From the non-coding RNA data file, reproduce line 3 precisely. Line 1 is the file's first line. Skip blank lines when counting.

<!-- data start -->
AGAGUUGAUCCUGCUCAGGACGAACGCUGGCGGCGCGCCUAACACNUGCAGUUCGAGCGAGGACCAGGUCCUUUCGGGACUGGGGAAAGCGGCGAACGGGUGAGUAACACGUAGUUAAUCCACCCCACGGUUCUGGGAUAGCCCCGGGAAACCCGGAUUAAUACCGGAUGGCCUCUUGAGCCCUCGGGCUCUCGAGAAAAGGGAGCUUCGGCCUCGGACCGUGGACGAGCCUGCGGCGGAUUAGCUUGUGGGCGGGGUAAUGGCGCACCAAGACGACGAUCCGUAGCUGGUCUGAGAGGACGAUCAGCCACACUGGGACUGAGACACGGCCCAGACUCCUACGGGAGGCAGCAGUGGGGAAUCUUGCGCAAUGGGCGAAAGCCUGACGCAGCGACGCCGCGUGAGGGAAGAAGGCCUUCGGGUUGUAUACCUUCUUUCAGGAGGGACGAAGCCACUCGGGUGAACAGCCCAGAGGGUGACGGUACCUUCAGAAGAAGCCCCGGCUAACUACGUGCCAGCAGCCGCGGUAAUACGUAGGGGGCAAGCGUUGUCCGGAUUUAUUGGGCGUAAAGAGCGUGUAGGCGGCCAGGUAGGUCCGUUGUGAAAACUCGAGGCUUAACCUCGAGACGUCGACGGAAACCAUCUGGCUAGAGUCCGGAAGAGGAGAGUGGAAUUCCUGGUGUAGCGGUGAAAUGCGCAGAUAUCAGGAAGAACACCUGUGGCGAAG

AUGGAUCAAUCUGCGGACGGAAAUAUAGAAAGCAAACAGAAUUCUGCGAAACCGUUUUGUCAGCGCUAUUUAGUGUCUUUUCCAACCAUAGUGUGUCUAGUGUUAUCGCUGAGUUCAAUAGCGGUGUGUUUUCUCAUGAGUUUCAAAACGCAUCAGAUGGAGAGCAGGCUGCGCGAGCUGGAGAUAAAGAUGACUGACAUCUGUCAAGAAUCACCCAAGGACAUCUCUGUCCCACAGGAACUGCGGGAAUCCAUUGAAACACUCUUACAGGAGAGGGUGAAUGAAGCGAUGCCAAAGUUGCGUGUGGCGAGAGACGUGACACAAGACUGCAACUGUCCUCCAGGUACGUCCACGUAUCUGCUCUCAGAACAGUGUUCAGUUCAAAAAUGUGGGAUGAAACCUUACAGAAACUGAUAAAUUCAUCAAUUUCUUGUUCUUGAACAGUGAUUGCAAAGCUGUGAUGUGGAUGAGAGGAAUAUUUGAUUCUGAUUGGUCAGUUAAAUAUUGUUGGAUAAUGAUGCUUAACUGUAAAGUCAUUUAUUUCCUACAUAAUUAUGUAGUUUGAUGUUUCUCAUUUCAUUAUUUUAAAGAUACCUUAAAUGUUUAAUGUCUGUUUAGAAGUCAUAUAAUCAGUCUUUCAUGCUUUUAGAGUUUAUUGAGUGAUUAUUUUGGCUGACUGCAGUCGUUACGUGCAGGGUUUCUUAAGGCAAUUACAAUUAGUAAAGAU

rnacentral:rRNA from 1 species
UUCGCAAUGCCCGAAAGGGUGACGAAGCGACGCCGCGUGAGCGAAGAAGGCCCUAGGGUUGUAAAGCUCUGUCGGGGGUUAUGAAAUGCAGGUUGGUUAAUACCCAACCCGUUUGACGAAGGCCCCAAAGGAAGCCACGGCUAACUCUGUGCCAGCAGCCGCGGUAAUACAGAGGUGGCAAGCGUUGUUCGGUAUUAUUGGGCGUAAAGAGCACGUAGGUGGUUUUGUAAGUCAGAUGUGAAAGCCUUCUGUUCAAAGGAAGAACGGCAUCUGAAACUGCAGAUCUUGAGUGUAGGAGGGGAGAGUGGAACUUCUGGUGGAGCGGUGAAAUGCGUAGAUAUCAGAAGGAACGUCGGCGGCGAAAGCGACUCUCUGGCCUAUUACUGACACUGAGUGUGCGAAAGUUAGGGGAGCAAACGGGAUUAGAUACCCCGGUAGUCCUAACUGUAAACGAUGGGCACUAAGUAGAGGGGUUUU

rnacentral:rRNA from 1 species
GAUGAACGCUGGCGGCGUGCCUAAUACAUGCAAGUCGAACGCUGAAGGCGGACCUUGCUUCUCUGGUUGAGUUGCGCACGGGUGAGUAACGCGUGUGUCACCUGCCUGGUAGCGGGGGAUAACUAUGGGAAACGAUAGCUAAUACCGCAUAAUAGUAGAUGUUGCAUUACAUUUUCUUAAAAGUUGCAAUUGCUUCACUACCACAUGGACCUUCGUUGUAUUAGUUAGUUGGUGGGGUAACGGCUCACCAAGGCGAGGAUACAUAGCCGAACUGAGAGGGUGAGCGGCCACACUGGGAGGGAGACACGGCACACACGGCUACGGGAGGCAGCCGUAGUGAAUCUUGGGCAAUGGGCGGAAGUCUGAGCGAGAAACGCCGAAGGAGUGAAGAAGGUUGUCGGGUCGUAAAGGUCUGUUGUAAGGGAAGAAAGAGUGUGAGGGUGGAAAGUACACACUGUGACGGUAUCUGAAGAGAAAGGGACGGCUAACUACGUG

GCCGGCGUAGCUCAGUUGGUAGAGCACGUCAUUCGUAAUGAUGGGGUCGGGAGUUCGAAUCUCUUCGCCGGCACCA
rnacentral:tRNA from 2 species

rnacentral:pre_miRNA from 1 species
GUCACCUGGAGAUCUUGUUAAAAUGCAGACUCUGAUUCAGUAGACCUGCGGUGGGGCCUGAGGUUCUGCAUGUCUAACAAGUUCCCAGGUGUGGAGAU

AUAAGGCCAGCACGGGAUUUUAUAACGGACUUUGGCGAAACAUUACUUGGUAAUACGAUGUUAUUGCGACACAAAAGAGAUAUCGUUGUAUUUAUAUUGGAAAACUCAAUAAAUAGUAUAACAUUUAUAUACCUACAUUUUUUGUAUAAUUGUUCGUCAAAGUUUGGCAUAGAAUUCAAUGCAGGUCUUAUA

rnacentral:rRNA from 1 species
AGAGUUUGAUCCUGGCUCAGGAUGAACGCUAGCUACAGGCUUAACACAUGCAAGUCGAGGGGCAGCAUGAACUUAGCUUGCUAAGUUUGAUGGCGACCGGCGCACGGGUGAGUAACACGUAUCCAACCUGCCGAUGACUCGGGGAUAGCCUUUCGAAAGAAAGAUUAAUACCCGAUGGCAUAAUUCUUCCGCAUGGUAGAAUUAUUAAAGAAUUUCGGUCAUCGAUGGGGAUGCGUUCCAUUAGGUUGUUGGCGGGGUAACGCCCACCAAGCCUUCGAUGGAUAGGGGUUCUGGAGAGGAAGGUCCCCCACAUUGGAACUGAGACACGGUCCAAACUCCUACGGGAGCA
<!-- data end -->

rnacentral:rRNA from 1 species